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Proceedings Paper

Virtual reality: a reality for future military pilotage?
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Paper Abstract

Virtual reality (VR) systems provide exciting new ways to interact with information and with the world. The visual VR environment can be synthetic (computer generated) or be an indirect view of the real world using sensors and displays. With the potential opportunities of a VR system, the question arises about what benefits or detriments a military pilot might incur by operating in such an environment. Immersive and compelling VR displays could be accomplished with an HMD (e.g., imagery on the visor), large area collimated displays, or by putting the imagery on an opaque canopy. But what issues arise when, instead of viewing the world directly, a pilot views a "virtual" image of the world? Is 20/20 visual acuity in a VR system good enough? To deliver this acuity over the entire visual field would require over 43 megapixels (MP) of display surface for an HMD or about 150 MP for an immersive CAVE system, either of which presents a serious challenge with current technology. Additionally, the same number of sensor pixels would be required to drive the displays to this resolution (and formidable network architectures required to relay this information), or massive computer clusters are necessary to create an entirely computer-generated virtual reality with this resolution. Can we presently implement such a system? What other visual requirements or engineering issues should be considered? With the evolving technology, there are many technological issues and human factors considerations that need to be addressed before a pilot is placed within a virtual cockpit.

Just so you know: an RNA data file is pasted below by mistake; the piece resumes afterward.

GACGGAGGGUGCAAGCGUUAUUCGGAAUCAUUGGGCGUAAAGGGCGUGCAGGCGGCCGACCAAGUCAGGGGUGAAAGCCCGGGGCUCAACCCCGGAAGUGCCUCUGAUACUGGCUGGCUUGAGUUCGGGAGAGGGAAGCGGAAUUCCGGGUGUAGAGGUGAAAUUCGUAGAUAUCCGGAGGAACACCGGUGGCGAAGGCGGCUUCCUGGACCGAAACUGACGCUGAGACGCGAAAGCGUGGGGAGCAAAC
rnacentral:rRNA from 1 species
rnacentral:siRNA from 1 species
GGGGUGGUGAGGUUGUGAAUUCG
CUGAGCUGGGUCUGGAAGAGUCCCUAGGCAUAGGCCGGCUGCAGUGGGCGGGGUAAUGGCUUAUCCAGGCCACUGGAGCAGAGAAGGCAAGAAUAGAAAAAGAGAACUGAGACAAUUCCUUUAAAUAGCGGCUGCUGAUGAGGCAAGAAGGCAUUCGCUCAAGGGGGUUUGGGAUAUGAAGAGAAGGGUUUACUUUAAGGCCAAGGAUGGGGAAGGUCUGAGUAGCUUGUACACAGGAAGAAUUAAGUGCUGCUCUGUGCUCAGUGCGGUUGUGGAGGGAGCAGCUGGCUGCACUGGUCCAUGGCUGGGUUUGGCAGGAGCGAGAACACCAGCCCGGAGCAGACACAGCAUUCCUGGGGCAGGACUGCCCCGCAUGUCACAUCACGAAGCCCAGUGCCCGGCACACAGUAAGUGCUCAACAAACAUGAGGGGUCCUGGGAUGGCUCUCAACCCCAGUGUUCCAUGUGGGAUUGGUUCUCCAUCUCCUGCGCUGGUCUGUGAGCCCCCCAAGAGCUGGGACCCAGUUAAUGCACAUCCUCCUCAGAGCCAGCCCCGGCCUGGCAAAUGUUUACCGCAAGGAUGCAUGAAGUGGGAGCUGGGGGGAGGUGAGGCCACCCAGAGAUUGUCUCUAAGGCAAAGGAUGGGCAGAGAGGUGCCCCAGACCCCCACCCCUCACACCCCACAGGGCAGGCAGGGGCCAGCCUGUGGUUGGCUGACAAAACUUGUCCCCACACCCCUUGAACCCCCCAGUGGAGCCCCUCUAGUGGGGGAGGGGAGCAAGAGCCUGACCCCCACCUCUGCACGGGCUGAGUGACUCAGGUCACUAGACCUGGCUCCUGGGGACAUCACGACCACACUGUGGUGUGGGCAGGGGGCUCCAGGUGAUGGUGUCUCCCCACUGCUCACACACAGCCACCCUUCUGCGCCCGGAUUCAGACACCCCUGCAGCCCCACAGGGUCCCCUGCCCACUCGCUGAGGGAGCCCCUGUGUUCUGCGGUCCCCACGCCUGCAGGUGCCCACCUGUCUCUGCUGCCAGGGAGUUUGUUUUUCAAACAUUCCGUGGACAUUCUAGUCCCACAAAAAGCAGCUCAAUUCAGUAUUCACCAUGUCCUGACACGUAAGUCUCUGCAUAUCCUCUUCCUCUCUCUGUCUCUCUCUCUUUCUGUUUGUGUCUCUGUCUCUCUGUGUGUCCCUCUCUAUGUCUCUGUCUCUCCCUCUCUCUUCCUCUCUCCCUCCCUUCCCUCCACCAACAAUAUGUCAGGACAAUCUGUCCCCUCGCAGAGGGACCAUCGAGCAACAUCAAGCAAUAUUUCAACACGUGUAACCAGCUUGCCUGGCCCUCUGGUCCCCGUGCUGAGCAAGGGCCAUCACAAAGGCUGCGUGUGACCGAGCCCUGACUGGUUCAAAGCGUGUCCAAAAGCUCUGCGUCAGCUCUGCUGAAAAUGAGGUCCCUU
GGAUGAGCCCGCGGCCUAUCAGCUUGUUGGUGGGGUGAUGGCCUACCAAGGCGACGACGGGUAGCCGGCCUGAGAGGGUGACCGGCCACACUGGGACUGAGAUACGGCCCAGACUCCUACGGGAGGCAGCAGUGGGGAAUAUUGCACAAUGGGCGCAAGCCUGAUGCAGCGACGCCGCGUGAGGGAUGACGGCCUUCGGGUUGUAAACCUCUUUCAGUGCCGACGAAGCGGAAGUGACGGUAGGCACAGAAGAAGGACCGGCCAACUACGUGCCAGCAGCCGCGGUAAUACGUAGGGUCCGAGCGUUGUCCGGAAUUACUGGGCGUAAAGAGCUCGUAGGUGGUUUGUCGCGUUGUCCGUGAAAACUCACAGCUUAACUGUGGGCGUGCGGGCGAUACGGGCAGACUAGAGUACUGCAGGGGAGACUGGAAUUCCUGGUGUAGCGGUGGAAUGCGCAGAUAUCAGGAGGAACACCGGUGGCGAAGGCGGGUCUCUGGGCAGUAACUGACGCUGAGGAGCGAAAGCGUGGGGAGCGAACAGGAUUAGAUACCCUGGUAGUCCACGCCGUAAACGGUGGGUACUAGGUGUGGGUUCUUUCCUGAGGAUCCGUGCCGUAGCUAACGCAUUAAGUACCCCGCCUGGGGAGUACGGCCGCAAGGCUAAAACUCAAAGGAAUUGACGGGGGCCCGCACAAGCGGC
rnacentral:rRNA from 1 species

Paper Details

Date Published: 2 May 2009
PDF: 9 pages
Proc. SPIE 7326, Head- and Helmet-Mounted Displays XIV: Design and Applications, 73260D (2 May 2009); doi: 10.1117/12.819529
Show Author Affiliations
John P. McIntire, Air Force Research Lab. (United States)
Gary L. Martinsen, Air Force Research Lab. (United States)
Peter L. Marasco, Air Force Research Lab. (United States)
Paul R. Havig, Air Force Research Lab. (United States)


Published in SPIE Proceedings Vol. 7326:
Head- and Helmet-Mounted Displays XIV: Design and Applications
Peter L. Marasco; Paul R. Havig; Sion A. Jennings; Thomas H. Harding, Editor(s)

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